USI Calgary

J. Randall Murphy
Staff member
I was hoping we might talk here about the above paper ... "
Perhaps we might consider why spirit mediums generally don't see any bodily apparitions and what the inference there is, or why some apparitions have a sort of immaterial body ( including clothes ) that doesn't seem to serve any material purpose, yet certainly could reflect the social aspects discussed above. Another point might be how a functioning body is responsible for supplying biochemistry that's proven to directly affect personality ( just think estrogen and testosterone to start ). How would a biologically non-functioning immaterial body provide the equivalent afterlife chemistry required to maintain a stable personality? Could such an apparition in the absence of everything else still be considered a "person". I've broached these considerations before. Maybe now we're just catching up.
 

Constance

Paranormal Adept
This is a reply to a recent post from @USI Calgary in case the link-back doesn't show up.

I'm certainly no expert either, but in simplest terms, the way I interpreted the paper was that it was about how the way that we communicate effects our interpretation of what's being communicated. So it's not so much a claim that reality per se is linguistic, but that the disparity between reality and how we convey it to others is largely dependent on the tools we use to communicate, particularly text.

The problem concerning language is that, while its development extends human aptitudes for expression, communication, and the organizing of life/of the living in societies, its formalization of concepts and categories produces what Frederick Jameson has called 'the prison-house of language' -- a condition within which references and meanings become reified, hardened, contextualized within understandings of what is 'real' that are useful in stages of human development but inadequate for the expression of new experiences and insights. In formal languages we confuse words with things taken to be defined and understood once and for all, while our experience and insights continually expand in a world within which, as members of the human species, we are immersed in continuous change, development, and understanding both social and individual.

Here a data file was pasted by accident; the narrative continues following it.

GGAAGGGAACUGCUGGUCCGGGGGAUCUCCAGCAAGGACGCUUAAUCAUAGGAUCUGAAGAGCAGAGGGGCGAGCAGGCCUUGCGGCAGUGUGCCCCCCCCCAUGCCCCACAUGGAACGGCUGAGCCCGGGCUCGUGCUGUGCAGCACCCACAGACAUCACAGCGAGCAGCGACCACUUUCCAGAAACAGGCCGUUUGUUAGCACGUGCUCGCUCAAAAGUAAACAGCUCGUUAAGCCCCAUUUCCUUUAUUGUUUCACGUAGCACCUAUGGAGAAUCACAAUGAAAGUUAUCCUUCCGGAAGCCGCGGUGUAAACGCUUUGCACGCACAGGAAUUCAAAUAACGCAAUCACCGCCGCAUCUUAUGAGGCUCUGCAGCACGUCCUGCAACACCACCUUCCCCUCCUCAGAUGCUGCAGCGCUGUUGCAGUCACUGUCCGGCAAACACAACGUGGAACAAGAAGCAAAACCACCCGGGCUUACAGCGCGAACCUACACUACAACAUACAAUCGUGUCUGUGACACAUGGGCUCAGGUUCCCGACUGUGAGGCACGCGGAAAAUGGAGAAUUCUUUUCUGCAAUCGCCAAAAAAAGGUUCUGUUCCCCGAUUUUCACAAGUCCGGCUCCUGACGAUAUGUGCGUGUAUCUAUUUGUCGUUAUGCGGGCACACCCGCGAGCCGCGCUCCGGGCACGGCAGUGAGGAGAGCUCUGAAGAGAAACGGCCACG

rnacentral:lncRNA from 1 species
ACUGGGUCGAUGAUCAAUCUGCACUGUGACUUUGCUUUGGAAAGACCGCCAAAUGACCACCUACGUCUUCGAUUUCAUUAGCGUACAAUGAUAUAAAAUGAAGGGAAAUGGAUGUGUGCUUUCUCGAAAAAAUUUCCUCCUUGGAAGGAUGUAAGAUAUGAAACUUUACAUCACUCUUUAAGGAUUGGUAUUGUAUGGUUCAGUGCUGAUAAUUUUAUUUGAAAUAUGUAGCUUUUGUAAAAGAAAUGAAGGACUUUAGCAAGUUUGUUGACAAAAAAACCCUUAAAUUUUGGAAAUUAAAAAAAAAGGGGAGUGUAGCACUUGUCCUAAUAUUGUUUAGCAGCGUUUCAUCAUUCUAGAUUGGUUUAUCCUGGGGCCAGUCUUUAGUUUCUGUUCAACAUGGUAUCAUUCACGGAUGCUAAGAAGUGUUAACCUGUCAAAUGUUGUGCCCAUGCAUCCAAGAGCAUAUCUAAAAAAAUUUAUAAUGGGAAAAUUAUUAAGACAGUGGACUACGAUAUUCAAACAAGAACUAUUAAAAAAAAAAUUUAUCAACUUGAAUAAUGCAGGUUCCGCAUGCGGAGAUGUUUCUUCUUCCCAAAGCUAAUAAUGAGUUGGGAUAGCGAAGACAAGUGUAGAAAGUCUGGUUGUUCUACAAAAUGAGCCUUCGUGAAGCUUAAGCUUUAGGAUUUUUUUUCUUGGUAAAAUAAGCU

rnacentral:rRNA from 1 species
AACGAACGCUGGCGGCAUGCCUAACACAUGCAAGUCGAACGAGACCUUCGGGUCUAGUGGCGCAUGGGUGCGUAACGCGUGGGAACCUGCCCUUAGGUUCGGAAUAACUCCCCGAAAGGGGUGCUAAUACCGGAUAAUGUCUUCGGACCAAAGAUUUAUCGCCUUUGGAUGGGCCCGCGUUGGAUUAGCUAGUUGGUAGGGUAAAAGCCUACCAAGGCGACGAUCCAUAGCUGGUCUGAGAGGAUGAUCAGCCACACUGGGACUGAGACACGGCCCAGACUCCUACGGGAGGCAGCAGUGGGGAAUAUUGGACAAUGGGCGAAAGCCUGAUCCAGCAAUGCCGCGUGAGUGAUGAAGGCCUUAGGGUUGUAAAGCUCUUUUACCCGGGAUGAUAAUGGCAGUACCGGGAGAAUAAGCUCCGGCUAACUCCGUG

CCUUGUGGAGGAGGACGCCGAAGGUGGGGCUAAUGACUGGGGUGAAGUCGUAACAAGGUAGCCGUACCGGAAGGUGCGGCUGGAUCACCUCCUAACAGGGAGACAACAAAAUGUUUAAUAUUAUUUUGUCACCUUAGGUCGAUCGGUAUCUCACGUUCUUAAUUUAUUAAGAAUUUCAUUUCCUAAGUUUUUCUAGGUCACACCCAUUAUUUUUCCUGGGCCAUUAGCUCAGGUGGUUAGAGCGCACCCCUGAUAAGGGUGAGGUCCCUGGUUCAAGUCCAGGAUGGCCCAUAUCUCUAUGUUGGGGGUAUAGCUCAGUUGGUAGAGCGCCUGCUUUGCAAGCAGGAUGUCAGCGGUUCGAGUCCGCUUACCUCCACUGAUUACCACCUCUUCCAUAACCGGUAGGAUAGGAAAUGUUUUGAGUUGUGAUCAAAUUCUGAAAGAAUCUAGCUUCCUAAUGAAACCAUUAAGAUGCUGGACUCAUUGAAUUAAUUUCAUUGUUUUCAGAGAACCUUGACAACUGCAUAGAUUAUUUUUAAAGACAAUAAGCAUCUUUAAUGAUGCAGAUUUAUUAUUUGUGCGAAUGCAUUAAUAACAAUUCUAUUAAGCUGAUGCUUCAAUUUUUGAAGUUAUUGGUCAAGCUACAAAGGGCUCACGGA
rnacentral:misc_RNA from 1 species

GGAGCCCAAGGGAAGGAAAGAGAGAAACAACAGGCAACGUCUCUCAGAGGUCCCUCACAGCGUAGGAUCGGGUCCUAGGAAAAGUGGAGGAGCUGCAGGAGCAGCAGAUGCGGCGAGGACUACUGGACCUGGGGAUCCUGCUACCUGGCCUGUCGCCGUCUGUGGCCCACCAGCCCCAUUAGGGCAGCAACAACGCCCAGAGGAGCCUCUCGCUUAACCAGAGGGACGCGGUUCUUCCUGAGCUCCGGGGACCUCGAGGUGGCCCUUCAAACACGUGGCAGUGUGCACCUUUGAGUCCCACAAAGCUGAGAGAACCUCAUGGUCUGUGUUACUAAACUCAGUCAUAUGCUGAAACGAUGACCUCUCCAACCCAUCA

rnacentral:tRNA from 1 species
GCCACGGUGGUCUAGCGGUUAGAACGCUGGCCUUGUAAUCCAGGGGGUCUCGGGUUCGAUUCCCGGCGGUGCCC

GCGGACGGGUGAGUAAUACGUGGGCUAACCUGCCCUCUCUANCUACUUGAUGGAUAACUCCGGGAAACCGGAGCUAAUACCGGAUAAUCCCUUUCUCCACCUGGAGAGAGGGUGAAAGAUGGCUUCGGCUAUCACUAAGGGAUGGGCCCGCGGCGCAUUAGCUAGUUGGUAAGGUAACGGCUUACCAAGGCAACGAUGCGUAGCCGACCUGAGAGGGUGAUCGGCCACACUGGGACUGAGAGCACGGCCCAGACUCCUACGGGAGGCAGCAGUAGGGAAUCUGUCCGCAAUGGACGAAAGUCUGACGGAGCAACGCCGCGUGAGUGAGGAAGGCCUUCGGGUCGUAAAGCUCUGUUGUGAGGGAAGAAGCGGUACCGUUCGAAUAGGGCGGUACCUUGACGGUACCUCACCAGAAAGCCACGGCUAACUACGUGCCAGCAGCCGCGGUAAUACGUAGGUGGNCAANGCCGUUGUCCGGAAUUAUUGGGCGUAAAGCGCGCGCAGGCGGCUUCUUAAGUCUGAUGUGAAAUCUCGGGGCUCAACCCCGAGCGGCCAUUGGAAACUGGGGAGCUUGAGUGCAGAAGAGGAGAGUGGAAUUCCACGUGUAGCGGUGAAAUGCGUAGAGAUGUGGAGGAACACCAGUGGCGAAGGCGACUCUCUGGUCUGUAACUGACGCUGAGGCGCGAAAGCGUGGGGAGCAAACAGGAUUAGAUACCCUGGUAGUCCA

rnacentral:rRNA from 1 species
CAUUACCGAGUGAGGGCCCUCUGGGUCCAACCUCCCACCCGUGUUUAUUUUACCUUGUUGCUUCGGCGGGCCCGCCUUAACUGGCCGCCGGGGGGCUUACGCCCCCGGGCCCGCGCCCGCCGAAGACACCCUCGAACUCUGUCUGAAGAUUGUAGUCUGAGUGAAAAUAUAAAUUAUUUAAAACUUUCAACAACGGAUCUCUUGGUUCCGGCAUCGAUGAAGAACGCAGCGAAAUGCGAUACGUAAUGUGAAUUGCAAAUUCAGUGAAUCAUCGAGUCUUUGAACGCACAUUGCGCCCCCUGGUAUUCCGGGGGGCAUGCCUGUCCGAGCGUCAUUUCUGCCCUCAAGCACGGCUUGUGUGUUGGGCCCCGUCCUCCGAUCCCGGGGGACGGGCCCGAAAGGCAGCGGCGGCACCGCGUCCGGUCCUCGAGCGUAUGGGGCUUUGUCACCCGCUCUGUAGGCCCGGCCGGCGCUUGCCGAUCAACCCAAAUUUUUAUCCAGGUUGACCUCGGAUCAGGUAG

So a prime example for you might be Pony's poetry.* For someone else it might be a scientific paper. Both are attempts to convey a type of reality, the former being largely an expression of subjective experience, while the latter attempts to extrapolate objective properties. Both contain truths.
Agreed that we recognize both subjective and objective aspects in and of the global, holistic, lived 'reality' in which we exist, but it is the interrelation of subjectivity and objectivity that we need to understand. It is this interrelation, in its manifold ambiguities, that we need to examine if we are to understand our own being and the world's being.

ETA: You've asked some additional questions about links I've recently posted, Randle, and I will respond to them as soon as I can.